World Trade Center BASE Jumpers Revealed

Plunge 1,368 feet over NYC

Mar 25, 2014
Outside Magazine

At 3 a.m. on September 30, 2013, three men jumped from New York City's Freedom Tower, also known as One World Trade Center. Their parachutes opened minutes before hitting pavement on West Street. You can watch the whole thing here:

BASE jumping—leaping from fixed objects and hoping to high heaven that your parachute breaks the fall—is often illegal, as was the case with the predawn act of Andrew Rossig, James Brady, Kyle Hartwell, and Marco Markovich at the Freedom Tower.

On Monday, the four men (three jumpers and one lookout), who faced burglary charges, turned themselves in to authorities, the New York Times reports.

“We just kind of walked in,” Rossig, 33, one of the parachutists, told the Times. “It’s supposed to be the most secure building in the world. God forbid it was somebody else getting in there with a real intention to harm New Yorkers.”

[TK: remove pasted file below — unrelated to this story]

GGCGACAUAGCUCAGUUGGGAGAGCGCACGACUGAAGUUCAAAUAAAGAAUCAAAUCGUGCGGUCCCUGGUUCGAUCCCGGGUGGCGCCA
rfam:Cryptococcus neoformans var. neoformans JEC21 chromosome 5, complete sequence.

Believe it or not, this isn't the first security breach at One World Trade Center. Just last week, Justin Casquejo, a 16-year-old from New Jersey, crawled through a hole in a fence at 4 a.m., climbed construction scaffolding, and caught an elevator to the 88th floor—1,368 feet above street level. He climbed the building's spire and was caught by Port Authority police two hours later.

It took more than four months to track down the four men who BASE jumped from the Freedom Tower. Legal or not, it sounds like Rossig has no regrets.

“It’s a fair amount of free-fall time,” he told the Times. “You really get to enjoy the view of the city.”

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